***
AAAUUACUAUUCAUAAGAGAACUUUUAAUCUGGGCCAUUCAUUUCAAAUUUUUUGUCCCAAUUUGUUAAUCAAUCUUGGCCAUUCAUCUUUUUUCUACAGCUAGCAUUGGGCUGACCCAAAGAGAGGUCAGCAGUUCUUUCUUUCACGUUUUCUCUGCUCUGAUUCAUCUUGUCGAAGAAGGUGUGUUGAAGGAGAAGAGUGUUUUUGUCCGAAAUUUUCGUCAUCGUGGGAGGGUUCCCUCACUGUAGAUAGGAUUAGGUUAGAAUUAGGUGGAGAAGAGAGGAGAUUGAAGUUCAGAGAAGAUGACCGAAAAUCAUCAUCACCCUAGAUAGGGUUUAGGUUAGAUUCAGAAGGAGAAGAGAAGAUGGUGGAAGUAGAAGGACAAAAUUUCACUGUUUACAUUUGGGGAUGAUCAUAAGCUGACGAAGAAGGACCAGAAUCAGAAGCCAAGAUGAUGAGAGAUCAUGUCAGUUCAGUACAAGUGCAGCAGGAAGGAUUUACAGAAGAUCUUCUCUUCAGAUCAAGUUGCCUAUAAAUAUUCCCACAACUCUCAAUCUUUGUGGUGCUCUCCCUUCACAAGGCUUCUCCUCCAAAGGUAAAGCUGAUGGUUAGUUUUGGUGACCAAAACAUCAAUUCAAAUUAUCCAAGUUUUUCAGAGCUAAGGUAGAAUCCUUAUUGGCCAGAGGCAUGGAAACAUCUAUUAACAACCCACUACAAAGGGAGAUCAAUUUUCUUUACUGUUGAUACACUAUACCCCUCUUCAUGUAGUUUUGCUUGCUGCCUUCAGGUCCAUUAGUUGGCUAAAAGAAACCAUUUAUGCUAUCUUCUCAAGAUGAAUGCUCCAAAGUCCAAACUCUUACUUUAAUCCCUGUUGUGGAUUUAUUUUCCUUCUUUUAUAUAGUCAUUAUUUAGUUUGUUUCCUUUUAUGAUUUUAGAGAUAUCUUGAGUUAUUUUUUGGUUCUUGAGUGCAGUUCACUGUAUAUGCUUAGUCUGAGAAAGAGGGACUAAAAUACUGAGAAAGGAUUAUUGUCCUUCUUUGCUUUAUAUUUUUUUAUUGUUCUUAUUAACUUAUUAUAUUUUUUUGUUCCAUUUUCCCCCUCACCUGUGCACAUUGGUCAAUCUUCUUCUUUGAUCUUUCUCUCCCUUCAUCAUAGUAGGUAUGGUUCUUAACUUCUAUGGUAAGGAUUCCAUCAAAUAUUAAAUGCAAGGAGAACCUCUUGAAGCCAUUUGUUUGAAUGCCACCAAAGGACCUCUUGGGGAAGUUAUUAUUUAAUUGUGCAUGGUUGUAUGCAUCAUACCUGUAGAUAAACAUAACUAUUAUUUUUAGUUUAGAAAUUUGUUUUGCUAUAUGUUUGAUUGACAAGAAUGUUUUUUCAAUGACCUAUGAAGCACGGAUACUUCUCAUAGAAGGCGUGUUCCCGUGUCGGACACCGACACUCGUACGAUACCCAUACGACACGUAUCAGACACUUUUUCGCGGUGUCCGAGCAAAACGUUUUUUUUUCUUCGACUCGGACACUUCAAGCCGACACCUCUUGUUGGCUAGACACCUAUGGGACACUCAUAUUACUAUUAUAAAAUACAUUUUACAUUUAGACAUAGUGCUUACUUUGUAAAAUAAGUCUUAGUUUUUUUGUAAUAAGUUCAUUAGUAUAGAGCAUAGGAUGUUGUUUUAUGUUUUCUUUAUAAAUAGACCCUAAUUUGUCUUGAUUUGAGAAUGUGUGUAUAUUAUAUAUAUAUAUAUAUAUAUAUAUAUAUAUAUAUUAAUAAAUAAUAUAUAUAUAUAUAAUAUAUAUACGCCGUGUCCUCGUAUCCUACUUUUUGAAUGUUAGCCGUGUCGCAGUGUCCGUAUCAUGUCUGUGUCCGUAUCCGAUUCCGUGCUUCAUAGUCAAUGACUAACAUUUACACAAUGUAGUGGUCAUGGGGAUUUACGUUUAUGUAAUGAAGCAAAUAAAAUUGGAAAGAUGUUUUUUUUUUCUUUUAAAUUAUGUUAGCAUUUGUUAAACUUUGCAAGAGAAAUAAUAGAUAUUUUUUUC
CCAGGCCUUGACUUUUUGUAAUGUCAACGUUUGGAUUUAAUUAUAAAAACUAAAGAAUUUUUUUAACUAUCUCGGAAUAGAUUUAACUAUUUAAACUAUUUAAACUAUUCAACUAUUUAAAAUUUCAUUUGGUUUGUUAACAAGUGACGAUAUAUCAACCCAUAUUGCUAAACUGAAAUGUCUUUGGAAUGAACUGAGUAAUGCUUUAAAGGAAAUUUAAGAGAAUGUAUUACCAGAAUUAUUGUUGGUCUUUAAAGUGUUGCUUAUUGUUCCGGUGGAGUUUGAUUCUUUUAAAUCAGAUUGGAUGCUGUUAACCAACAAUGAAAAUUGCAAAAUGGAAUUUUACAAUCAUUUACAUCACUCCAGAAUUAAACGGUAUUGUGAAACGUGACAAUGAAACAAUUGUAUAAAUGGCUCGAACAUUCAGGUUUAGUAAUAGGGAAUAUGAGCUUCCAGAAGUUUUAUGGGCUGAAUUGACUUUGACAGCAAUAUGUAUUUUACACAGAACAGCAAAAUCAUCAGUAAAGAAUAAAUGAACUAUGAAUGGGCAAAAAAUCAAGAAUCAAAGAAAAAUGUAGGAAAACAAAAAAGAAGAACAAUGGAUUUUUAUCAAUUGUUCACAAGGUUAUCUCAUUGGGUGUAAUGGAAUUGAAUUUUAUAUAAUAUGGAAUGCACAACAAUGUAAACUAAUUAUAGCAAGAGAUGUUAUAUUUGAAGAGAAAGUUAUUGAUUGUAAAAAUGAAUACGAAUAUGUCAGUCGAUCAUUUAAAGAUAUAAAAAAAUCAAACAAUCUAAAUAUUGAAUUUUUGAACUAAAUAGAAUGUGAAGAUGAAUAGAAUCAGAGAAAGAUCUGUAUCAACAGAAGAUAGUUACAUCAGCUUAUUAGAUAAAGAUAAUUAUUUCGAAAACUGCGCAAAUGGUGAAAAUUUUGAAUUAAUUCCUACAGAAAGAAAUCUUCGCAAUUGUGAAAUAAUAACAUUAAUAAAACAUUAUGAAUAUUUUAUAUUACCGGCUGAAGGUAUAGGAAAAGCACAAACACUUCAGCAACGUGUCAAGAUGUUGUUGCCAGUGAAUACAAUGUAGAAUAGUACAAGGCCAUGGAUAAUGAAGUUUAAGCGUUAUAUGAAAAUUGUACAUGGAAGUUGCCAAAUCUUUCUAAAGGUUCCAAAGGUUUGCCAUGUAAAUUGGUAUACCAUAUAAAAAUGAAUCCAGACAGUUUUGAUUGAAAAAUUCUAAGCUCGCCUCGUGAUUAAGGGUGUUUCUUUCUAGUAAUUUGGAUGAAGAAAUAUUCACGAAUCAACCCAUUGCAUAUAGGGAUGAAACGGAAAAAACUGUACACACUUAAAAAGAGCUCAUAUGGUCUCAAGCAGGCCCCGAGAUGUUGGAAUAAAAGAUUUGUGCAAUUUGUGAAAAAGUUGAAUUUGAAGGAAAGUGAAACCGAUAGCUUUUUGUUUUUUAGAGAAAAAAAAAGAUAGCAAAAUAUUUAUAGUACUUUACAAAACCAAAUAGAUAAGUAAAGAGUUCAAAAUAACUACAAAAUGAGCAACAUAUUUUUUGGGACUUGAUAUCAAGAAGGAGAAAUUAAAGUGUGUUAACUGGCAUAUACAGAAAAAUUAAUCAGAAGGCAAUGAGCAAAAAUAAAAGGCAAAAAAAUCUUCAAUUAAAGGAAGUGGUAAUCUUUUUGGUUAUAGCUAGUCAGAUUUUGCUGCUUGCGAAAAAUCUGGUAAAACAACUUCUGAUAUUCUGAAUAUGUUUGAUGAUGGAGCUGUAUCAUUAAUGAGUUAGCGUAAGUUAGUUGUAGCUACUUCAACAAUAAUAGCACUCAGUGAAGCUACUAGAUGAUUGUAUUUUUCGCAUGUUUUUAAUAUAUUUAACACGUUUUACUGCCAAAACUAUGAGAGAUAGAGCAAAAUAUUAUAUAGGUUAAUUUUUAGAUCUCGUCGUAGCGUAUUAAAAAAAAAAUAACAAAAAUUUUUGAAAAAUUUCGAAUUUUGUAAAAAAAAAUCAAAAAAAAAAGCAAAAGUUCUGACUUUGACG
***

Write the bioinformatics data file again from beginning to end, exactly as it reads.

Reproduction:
AAAUUACUAUUCAUAAGAGAACUUUUAAUCUGGGCCAUUCAUUUCAAAUUUUUUGUCCCAAUUUGUUAAUCAAUCUUGGCCAUUCAUCUUUUUUCUACAGCUAGCAUUGGGCUGACCCAAAGAGAGGUCAGCAGUUCUUUCUUUCACGUUUUCUCUGCUCUGAUUCAUCUUGUCGAAGAAGGUGUGUUGAAGGAGAAGAGUGUUUUUGUCCGAAAUUUUCGUCAUCGUGGGAGGGUUCCCUCACUGUAGAUAGGAUUAGGUUAGAAUUAGGUGGAGAAGAGAGGAGAUUGAAGUUCAGAGAAGAUGACCGAAAAUCAUCAUCACCCUAGAUAGGGUUUAGGUUAGAUUCAGAAGGAGAAGAGAAGAUGGUGGAAGUAGAAGGACAAAAUUUCACUGUUUACAUUUGGGGAUGAUCAUAAGCUGACGAAGAAGGACCAGAAUCAGAAGCCAAGAUGAUGAGAGAUCAUGUCAGUUCAGUACAAGUGCAGCAGGAAGGAUUUACAGAAGAUCUUCUCUUCAGAUCAAGUUGCCUAUAAAUAUUCCCACAACUCUCAAUCUUUGUGGUGCUCUCCCUUCACAAGGCUUCUCCUCCAAAGGUAAAGCUGAUGGUUAGUUUUGGUGACCAAAACAUCAAUUCAAAUUAUCCAAGUUUUUCAGAGCUAAGGUAGAAUCCUUAUUGGCCAGAGGCAUGGAAACAUCUAUUAACAACCCACUACAAAGGGAGAUCAAUUUUCUUUACUGUUGAUACACUAUACCCCUCUUCAUGUAGUUUUGCUUGCUGCCUUCAGGUCCAUUAGUUGGCUAAAAGAAACCAUUUAUGCUAUCUUCUCAAGAUGAAUGCUCCAAAGUCCAAACUCUUACUUUAAUCCCUGUUGUGGAUUUAUUUUCCUUCUUUUAUAUAGUCAUUAUUUAGUUUGUUUCCUUUUAUGAUUUUAGAGAUAUCUUGAGUUAUUUUUUGGUUCUUGAGUGCAGUUCACUGUAUAUGCUUAGUCUGAGAAAGAGGGACUAAAAUACUGAGAAAGGAUUAUUGUCCUUCUUUGCUUUAUAUUUUUUUAUUGUUCUUAUUAACUUAUUAUAUUUUUUUGUUCCAUUUUCCCCCUCACCUGUGCACAUUGGUCAAUCUUCUUCUUUGAUCUUUCUCUCCCUUCAUCAUAGUAGGUAUGGUUCUUAACUUCUAUGGUAAGGAUUCCAUCAAAUAUUAAAUGCAAGGAGAACCUCUUGAAGCCAUUUGUUUGAAUGCCACCAAAGGACCUCUUGGGGAAGUUAUUAUUUAAUUGUGCAUGGUUGUAUGCAUCAUACCUGUAGAUAAACAUAACUAUUAUUUUUAGUUUAGAAAUUUGUUUUGCUAUAUGUUUGAUUGACAAGAAUGUUUUUUCAAUGACCUAUGAAGCACGGAUACUUCUCAUAGAAGGCGUGUUCCCGUGUCGGACACCGACACUCGUACGAUACCCAUACGACACGUAUCAGACACUUUUUCGCGGUGUCCGAGCAAAACGUUUUUUUUUCUUCGACUCGGACACUUCAAGCCGACACCUCUUGUUGGCUAGACACCUAUGGGACACUCAUAUUACUAUUAUAAAAUACAUUUUACAUUUAGACAUAGUGCUUACUUUGUAAAAUAAGUCUUAGUUUUUUUGUAAUAAGUUCAUUAGUAUAGAGCAUAGGAUGUUGUUUUAUGUUUUCUUUAUAAAUAGACCCUAAUUUGUCUUGAUUUGAGAAUGUGUGUAUAUUAUAUAUAUAUAUAUAUAUAUAUAUAUAUAUAUAUUAAUAAAUAAUAUAUAUAUAUAUAAUAUAUAUACGCCGUGUCCUCGUAUCCUACUUUUUGAAUGUUAGCCGUGUCGCAGUGUCCGUAUCAUGUCUGUGUCCGUAUCCGAUUCCGUGCUUCAUAGUCAAUGACUAACAUUUACACAAUGUAGUGGUCAUGGGGAUUUACGUUUAUGUAAUGAAGCAAAUAAAAUUGGAAAGAUGUUUUUUUUUUCUUUUAAAUUAUGUUAGCAUUUGUUAAACUUUGCAAGAGAAAUAAUAGAUAUUUUUUUC
CCAGGCCUUGACUUUUUGUAAUGUCAACGUUUGGAUUUAAUUAUAAAAACUAAAGAAUUUUUUUAACUAUCUCGGAAUAGAUUUAACUAUUUAAACUAUUUAAACUAUUCAACUAUUUAAAAUUUCAUUUGGUUUGUUAACAAGUGACGAUAUAUCAACCCAUAUUGCUAAACUGAAAUGUCUUUGGAAUGAACUGAGUAAUGCUUUAAAGGAAAUUUAAGAGAAUGUAUUACCAGAAUUAUUGUUGGUCUUUAAAGUGUUGCUUAUUGUUCCGGUGGAGUUUGAUUCUUUUAAAUCAGAUUGGAUGCUGUUAACCAACAAUGAAAAUUGCAAAAUGGAAUUUUACAAUCAUUUACAUCACUCCAGAAUUAAACGGUAUUGUGAAACGUGACAAUGAAACAAUUGUAUAAAUGGCUCGAACAUUCAGGUUUAGUAAUAGGGAAUAUGAGCUUCCAGAAGUUUUAUGGGCUGAAUUGACUUUGACAGCAAUAUGUAUUUUACACAGAACAGCAAAAUCAUCAGUAAAGAAUAAAUGAACUAUGAAUGGGCAAAAAAUCAAGAAUCAAAGAAAAAUGUAGGAAAACAAAAAAGAAGAACAAUGGAUUUUUAUCAAUUGUUCACAAGGUUAUCUCAUUGGGUGUAAUGGAAUUGAAUUUUAUAUAAUAUGGAAUGCACAACAAUGUAAACUAAUUAUAGCAAGAGAUGUUAUAUUUGAAGAGAAAGUUAUUGAUUGUAAAAAUGAAUACGAAUAUGUCAGUCGAUCAUUUAAAGAUAUAAAAAAAUCAAACAAUCUAAAUAUUGAAUUUUUGAACUAAAUAGAAUGUGAAGAUGAAUAGAAUCAGAGAAAGAUCUGUAUCAACAGAAGAUAGUUACAUCAGCUUAUUAGAUAAAGAUAAUUAUUUCGAAAACUGCGCAAAUGGUGAAAAUUUUGAAUUAAUUCCUACAGAAAGAAAUCUUCGCAAUUGUGAAAUAAUAACAUUAAUAAAACAUUAUGAAUAUUUUAUAUUACCGGCUGAAGGUAUAGGAAAAGCACAAACACUUCAGCAACGUGUCAAGAUGUUGUUGCCAGUGAAUACAAUGUAGAAUAGUACAAGGCCAUGGAUAAUGAAGUUUAAGCGUUAUAUGAAAAUUGUACAUGGAAGUUGCCAAAUCUUUCUAAAGGUUCCAAAGGUUUGCCAUGUAAAUUGGUAUACCAUAUAAAAAUGAAUCCAGACAGUUUUGAUUGAAAAAUUCUAAGCUCGCCUCGUGAUUAAGGGUGUUUCUUUCUAGUAAUUUGGAUGAAGAAAUAUUCACGAAUCAACCCAUUGCAUAUAGGGAUGAAACGGAAAAAACUGUACACACUUAAAAAGAGCUCAUAUGGUCUCAAGCAGGCCCCGAGAUGUUGGAAUAAAAGAUUUGUGCAAUUUGUGAAAAAGUUGAAUUUGAAGGAAAGUGAAACCGAUAGCUUUUUGUUUUUUAGAGAAAAAAAAAGAUAGCAAAAUAUUUAUAGUACUUUACAAAACCAAAUAGAUAAGUAAAGAGUUCAAAAUAACUACAAAAUGAGCAACAUAUUUUUUGGGACUUGAUAUCAAGAAGGAGAAAUUAAAGUGUGUUAACUGGCAUAUACAGAAAAAUUAAUCAGAAGGCAAUGAGCAAAAAUAAAAGGCAAAAAAAUCUUCAAUUAAAGGAAGUGGUAAUCUUUUUGGUUAUAGCUAGUCAGAUUUUGCUGCUUGCGAAAAAUCUGGUAAAACAACUUCUGAUAUUCUGAAUAUGUUUGAUGAUGGAGCUGUAUCAUUAAUGAGUUAGCGUAAGUUAGUUGUAGCUACUUCAACAAUAAUAGCACUCAGUGAAGCUACUAGAUGAUUGUAUUUUUCGCAUGUUUUUAAUAUAUUUAACACGUUUUACUGCCAAAACUAUGAGAGAUAGAGCAAAAUAUUAUAUAGGUUAAUUUUUAGAUCUCGUCGUAGCGUAUUAAAAAAAAAAUAACAAAAAUUUUUGAAAAAUUUCGAAUUUUGUAAAAAAAAAUCAAAAAAAAAAGCAAAAGUUCUGACUUUGACG